Shep Englander — Federation Journal
2019 Jewish Community Study Rollout Will Launch Year of Learning
“Our hope is to build one of the most welcoming, innovative, and vibrant Jewish communities in America,” said Bret Caller, President of The Jewish Foundation of Cincinnati. “To realize this vision, along with the Federation, we commissioned the 2019 Cincinnati Jewish Community Study to get a fresh portrait of our community and give insights into planning for the future.”
The study will give community leaders critical information, including the Cincinnati Jewish community’s demographics, constituent wants and needs, socioeconomic and affiliation patterns, as well as behaviors and attitudes toward issues confronted by a modern, growing 21st‐century Jewish community.
The Foundation and Federation worked with the Maurice and Marilyn Cohen Center for Modern Jewish Studies (CMJS) and the Steinhardt Social Research Institute (SSRI) at Brandeis University to launch the new study. CMJS/SSRI is a renowned research institute dedicated to the study of American Jewry and religious and cultural identity. Over the past decade, they have worked with more than a dozen Jewish communities to develop studies like ours, using their groundbreaking approach to estimating Jewish populations and assessing Jewish engagement.
“The study will give us a better understanding of the nature of our Cincinnati Jewish community,” said Rabbi Robert Barr, founding rabbi of Congregation Beth Adam and member of the Community Study Advisory Committee. “And while the data will be informative, ultimately, it will help drive the decisions we make to meet the changing needs of our community.”
The findings of the 2019 study will be released on January 15, during an event at the Mayerson JCC which is open to the whole community. After the initial rollout in January, Federation and Foundation leaders will launch a Year of Learning to engage community leadership and individuals in how to digest, analyze, utilize, and make meaning out of the 2019 study data.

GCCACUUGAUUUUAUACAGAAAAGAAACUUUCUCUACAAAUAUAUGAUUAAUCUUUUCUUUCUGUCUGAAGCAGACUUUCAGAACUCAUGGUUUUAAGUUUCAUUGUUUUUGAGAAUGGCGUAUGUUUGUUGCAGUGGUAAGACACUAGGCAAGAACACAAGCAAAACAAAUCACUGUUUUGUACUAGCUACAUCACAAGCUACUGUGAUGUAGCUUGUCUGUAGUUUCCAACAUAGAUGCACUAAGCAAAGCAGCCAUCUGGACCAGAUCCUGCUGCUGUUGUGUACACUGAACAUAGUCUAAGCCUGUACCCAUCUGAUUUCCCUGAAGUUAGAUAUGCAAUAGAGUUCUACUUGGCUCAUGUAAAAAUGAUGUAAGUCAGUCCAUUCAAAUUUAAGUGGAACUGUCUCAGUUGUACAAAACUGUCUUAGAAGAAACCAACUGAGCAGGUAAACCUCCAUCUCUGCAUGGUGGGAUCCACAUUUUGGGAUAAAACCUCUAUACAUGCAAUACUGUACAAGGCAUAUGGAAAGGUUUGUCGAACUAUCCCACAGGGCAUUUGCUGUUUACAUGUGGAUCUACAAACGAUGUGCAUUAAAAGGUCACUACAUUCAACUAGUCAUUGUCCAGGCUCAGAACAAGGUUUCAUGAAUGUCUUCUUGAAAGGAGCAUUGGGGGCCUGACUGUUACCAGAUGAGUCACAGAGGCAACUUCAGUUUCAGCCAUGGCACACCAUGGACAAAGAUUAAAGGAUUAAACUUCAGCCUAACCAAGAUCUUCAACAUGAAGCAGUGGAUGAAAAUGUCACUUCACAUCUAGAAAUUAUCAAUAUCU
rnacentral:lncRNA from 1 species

“This will be the beginning of a conversation about how we can best support our community leaders in understanding and utilizing the data,” said Jewish Federation of Cincinnati President Gary Greenberg. “We will unearth new insights and likely more questions, which will lead to deeper analysis of the 2019 study and the development of our Cincinnati 2030 vision.”
“Countless hours of discussion and analysis were invested in selecting the right partner and methodology to conduct the study,” said Ernesto Levy, a member of the advisory committee. “And now that the data is in, equal energy is being dedicated to analyzing and deploying the information collected. The Jewish Federation and Foundation deploy millions of dollars and mobilize so many volunteers every year. It is important that this work be done behind a vision and strategy informed by data.”
The results will show the population of Jewish adults is stable. Congregational affiliation is steady, even as it is decreasing nationwide. More Jews are part of interfaith households, and the community is demographically more diverse.